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Parkland School Shooter Attacks Corrections Officer With Electric Weapon

Nikolas Cruz is facing a host of new felony charges after he attacked a detention deputy inside the jail.

Ft. Lauderdale, FL – Broward Sheriff’s Office officials have confirmed that Parkland school shooter Nikolas Cruz attacked a detention deputy inside the county’s jail facility on Tuesday.

The detention officer was injured by the 20-year-old school shooter, but police have not yet elaborated on the extent of his injuries, WPTV reported.

Broward Detention Sergeant Raymond Beltran was guarding Cruz in the facility’s dayroom just before 6 p.m. on Nov. 13 when they got into a verbal disagreement, according to the Sun Sentinel.

Sgt. Beltran had told Cruz to stop dragging his sandals on the ground, and Cruz responded to the detention officer’s command with his middle finger, WTVJ reported.

The incident report said Sgt. Beltran stood up, and Cruz rushed him, according to the Sun Sentinel.

Cruz punched Sgt. Beltran with his left hand, and both men fell to the ground.

The report said they struggled until Cruz managed to get on top of Sgt. Beltran. Once there, he proceeded to punch the detention deputy in the face multiple times with his right hand, the Sun Sentinel reported.

At that point, another detention deputy saw what was happening in the dayroom and called for backup.

As Cruz continued to rain blows down on the sergeant’s face, he grabbed hold of the deputy’s “stun gun” and removed it from the holster, the Sun Sentinel reported.

The weapon went off as the two wrestled for control of the “conductive electrical weapon,” according to the incident report.

Surveillance video from within the jail showed Cruz struck Sgt. Beltran several more times in the face before the detention deputy was able to take the weapon away.

After the sergeant regained control of the weapon, he struck Cruz in the face while holding it, according to the Sun Sentinel.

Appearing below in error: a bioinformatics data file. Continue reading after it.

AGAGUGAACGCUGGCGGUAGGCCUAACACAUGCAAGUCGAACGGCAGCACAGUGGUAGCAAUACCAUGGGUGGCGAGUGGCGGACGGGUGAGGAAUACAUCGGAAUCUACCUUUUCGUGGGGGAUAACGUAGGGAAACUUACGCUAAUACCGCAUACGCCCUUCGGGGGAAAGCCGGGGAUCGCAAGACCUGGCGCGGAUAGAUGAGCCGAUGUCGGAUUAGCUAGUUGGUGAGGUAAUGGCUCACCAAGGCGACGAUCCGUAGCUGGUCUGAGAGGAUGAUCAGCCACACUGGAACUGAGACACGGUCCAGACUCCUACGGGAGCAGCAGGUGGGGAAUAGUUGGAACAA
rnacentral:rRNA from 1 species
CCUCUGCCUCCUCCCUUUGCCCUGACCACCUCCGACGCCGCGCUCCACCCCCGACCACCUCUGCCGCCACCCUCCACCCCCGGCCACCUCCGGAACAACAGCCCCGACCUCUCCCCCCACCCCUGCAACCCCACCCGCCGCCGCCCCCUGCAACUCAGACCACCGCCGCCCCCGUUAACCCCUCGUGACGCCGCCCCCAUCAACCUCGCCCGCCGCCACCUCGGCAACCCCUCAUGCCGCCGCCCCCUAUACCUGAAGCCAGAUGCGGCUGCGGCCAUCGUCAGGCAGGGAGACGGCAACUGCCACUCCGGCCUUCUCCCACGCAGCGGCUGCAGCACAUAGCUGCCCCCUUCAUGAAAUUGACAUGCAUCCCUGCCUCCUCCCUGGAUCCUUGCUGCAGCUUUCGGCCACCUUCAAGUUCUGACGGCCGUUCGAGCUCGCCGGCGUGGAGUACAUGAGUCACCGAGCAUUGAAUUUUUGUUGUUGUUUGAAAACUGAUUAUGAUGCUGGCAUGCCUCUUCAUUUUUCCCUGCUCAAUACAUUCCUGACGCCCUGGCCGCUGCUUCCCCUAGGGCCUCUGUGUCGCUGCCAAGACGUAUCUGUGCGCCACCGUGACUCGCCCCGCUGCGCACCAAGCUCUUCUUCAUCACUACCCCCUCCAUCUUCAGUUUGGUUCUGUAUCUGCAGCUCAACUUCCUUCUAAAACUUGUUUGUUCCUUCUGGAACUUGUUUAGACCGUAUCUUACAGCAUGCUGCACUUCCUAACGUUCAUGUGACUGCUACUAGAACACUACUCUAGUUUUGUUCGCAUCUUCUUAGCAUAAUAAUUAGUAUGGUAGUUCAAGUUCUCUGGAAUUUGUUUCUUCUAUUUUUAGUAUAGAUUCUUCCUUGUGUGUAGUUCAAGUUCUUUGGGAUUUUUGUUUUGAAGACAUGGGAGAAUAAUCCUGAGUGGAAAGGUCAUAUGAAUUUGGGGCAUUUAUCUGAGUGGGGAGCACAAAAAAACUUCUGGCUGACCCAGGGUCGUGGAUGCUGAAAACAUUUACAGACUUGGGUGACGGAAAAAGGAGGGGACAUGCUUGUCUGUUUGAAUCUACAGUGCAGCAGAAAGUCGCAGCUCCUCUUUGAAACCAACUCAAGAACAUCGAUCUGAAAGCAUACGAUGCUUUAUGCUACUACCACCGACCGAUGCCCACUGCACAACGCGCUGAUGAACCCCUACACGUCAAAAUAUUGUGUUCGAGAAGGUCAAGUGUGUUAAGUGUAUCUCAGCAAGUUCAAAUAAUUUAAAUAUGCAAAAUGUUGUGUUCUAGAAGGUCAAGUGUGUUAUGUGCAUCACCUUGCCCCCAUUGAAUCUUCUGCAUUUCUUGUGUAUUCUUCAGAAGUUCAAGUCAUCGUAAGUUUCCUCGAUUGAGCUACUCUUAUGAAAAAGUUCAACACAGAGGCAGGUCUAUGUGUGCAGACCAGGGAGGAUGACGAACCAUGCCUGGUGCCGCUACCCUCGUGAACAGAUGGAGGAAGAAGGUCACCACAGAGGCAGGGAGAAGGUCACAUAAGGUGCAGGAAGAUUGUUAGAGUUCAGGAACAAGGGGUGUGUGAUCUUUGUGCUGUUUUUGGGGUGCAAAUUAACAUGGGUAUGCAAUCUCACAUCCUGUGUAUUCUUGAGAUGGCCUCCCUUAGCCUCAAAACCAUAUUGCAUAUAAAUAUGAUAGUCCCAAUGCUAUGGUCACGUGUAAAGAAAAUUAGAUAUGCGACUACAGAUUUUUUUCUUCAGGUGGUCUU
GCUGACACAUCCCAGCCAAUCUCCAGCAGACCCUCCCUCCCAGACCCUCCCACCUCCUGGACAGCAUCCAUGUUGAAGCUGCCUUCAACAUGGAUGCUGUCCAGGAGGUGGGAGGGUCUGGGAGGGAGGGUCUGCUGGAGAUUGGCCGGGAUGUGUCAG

The school shooter then got off Sgt. Beltran and took a seat in a chair in the dayroom, where Sgt. Beltran took him into custody a moment later.

Cruz was initially arrested on Feb. 14, shortly after he went on a murder spree inside Marjory Stoneman Douglas High School in Parkland.

Seventeen students and faculty were murdered, and another 17 were wounded in the massacre.

This latest incident occurred as Cruz remained behind bars awaiting trial on 34 charges for the Valentine’s Day school shootings, according to WPTV.

He pleaded not guilty to those murder and attempted-murder charges after prosecutors announced they would be seeking the death penalty against the former Marjory Stoneman Douglas High School student, WTVJ reported.

Authorities said Cruz is facing several new felony charges as a result of his attack on Sgt. Beltran.

He has been charged with aggravated assault on an officer, battery on an officer, and using an electrical or chemical weapon against a law enforcement officer in connection with Tuesday’s incident inside the jail, WPTV reported.

Cruz’s newest arrest comes on the second day of meetings for the Marjory Stoneman Douglas Commission in Sunrise, the group tasked with figuring out what led to the mass school shooting and whose negligence may have contributed to the death toll.

Broward School Superintendent Robert Runcie, Broward Sheriff Scott Israel, and former Broward School Resource Officer Scot Peterson were all scheduled to speak to the members of the commission about the massacre at the Parkland high school, according to WPTV.

The commission was established by Florida Governor Rick Scott and the Florida Department of Law Enforcement after it was revealed that Broward deputies had not followed current active-shooter protocol on the day of the massacre, and waited outside the school buildings until after the gunfire had stopped.

The school superintendent is also on the hot seat as his administration failed to follow through on discipline for the future school shooter when Cruz first began getting into trouble, instead choosing to channel the troubled teen through the “PROMISE” program created to divert students from criminal prosecution.

Sandy Malone - November Wed, 2018


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